This paper argues that the emergence and evolution of the semantics of collaborative governance form the basis of modern planning and policy making. The semantics of collaborative governance has a rationality of its own, where the differences between the relevant stakeholders in relation to power and specific interests are diminished in favour of equality-based dialogue and consensus making in order to produce longstanding, innovative solutions to the wicked problems of modern society. The paper will show how the semantics of collaborative governance are structured around the absence of a stable and affirmative concept of equality. Taking its outset in a large Danish reform of the housing association sector, this paper shows how a concrete reform adopts the promising semantics of collaborative governance and thereby reproduces its incomplete and incomprehensible notion of equality. The paper closes with an investigation of how the reform produces unintended and continnuous disappointment among relevant stakeholders because the equal other seems continues to slide, yet remain their ambiguity. The article argue that the reform throws stakeholders into an on-going search for the relevant other, the one they can be in equality-based dialogue with.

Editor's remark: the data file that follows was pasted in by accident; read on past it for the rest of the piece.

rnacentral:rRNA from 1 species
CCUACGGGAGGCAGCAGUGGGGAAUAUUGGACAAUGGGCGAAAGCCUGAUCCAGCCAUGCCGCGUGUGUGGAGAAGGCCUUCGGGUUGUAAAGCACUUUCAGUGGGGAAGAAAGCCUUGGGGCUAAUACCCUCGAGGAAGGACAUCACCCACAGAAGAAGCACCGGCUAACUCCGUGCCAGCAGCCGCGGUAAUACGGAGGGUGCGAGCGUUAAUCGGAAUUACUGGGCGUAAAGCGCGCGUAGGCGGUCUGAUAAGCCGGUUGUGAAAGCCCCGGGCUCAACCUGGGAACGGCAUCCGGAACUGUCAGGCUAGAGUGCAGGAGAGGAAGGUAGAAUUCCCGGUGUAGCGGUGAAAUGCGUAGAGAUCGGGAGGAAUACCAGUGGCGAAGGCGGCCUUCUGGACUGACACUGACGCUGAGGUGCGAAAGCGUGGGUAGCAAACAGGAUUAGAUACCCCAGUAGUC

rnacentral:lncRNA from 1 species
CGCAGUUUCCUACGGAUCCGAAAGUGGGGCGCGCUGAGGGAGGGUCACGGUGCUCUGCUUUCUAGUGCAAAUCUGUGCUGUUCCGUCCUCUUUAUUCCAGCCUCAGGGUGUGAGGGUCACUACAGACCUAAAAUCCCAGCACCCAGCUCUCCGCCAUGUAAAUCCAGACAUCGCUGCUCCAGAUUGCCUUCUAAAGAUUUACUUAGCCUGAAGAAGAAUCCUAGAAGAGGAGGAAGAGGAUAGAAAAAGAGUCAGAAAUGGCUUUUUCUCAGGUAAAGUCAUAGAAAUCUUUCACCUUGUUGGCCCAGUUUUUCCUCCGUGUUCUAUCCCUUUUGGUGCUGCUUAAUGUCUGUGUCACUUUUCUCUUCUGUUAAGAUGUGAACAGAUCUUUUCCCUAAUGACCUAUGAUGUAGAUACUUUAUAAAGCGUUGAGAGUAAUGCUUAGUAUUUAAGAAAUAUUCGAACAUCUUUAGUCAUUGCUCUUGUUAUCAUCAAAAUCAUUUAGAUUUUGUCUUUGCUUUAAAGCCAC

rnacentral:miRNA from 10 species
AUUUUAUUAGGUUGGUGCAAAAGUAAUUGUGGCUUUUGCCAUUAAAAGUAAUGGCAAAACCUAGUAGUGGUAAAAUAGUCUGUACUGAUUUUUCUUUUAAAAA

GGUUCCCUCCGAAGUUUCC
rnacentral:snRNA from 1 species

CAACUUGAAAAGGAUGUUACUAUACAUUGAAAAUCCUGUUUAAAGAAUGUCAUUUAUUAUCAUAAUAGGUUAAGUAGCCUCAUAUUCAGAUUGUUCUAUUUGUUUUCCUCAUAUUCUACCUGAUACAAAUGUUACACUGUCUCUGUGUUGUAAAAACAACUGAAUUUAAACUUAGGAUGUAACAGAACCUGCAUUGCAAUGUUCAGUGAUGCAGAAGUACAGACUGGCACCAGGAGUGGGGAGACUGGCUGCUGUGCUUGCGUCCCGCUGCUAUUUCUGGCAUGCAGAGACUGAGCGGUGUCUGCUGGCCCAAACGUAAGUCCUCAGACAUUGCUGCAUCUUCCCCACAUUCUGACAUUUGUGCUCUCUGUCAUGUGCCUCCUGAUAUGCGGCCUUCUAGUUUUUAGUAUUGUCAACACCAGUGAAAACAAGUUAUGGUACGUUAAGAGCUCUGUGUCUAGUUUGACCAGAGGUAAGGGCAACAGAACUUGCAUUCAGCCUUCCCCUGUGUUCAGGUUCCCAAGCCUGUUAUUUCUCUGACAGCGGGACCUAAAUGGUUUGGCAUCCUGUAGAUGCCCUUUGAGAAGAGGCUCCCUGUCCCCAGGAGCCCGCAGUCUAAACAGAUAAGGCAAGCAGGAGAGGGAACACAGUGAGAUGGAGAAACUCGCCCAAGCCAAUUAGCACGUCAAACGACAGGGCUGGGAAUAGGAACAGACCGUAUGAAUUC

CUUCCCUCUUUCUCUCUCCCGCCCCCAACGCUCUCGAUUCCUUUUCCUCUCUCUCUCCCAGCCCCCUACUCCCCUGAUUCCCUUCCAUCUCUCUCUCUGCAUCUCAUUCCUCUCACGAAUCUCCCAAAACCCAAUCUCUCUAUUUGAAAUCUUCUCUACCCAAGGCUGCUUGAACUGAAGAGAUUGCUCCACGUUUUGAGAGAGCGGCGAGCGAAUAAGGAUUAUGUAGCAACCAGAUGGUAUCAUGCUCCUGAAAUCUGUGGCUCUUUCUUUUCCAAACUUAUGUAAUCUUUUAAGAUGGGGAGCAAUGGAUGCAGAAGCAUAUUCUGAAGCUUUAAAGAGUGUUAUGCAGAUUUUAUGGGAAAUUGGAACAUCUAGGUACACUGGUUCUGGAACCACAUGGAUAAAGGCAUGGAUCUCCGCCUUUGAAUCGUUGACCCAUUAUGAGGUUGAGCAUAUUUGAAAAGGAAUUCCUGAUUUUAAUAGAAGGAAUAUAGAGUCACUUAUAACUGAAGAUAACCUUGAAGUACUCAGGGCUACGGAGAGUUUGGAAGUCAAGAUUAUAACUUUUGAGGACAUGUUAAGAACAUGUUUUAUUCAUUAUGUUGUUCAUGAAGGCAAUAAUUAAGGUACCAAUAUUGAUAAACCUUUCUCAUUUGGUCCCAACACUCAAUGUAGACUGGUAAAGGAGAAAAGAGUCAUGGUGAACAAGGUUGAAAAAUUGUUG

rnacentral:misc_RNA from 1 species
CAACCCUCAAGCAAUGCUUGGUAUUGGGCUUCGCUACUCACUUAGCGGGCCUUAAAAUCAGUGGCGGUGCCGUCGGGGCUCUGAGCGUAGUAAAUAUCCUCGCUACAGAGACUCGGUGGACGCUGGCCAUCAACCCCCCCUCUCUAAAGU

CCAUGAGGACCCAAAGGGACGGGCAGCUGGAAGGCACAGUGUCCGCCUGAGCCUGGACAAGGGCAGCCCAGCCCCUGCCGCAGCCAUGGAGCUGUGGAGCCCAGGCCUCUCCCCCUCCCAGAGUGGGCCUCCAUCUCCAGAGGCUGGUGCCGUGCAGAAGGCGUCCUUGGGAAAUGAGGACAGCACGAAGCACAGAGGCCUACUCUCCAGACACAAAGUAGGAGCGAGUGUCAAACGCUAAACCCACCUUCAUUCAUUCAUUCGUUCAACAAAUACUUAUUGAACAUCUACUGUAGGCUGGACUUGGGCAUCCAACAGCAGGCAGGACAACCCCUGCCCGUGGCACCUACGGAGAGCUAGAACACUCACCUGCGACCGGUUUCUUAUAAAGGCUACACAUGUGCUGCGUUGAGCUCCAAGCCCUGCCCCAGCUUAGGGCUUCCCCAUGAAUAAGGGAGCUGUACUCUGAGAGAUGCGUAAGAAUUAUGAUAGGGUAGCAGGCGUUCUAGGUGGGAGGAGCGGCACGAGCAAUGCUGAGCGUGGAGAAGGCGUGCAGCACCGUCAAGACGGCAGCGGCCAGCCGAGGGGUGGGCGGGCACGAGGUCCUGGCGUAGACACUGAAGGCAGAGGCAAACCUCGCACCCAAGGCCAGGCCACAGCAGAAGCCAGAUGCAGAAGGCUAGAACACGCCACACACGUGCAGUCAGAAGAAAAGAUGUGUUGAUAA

|Tidsskrift||Scandinavian Journal of Public Administration|
|Status||Udgivet - 2016|
- Collaborative governance
- Housing associations
- Wicked problems